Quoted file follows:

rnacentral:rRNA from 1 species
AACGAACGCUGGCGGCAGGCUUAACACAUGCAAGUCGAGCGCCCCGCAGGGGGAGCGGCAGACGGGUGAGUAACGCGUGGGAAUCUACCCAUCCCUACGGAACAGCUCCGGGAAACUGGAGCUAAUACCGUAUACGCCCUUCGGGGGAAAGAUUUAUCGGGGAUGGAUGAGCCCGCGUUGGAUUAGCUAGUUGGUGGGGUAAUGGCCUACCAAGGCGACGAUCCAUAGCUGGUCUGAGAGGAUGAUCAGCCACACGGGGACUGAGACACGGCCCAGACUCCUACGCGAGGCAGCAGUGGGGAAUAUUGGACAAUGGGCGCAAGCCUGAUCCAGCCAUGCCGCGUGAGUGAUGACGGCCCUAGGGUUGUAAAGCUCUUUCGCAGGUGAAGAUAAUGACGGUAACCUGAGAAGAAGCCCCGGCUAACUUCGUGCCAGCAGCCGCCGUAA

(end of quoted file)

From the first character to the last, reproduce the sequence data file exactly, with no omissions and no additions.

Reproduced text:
rnacentral:rRNA from 1 species
AACGAACGCUGGCGGCAGGCUUAACACAUGCAAGUCGAGCGCCCCGCAGGGGGAGCGGCAGACGGGUGAGUAACGCGUGGGAAUCUACCCAUCCCUACGGAACAGCUCCGGGAAACUGGAGCUAAUACCGUAUACGCCCUUCGGGGGAAAGAUUUAUCGGGGAUGGAUGAGCCCGCGUUGGAUUAGCUAGUUGGUGGGGUAAUGGCCUACCAAGGCGACGAUCCAUAGCUGGUCUGAGAGGAUGAUCAGCCACACGGGGACUGAGACACGGCCCAGACUCCUACGCGAGGCAGCAGUGGGGAAUAUUGGACAAUGGGCGCAAGCCUGAUCCAGCCAUGCCGCGUGAGUGAUGACGGCCCUAGGGUUGUAAAGCUCUUUCGCAGGUGAAGAUAAUGACGGUAACCUGAGAAGAAGCCCCGGCUAACUUCGUGCCAGCAGCCGCCGUAA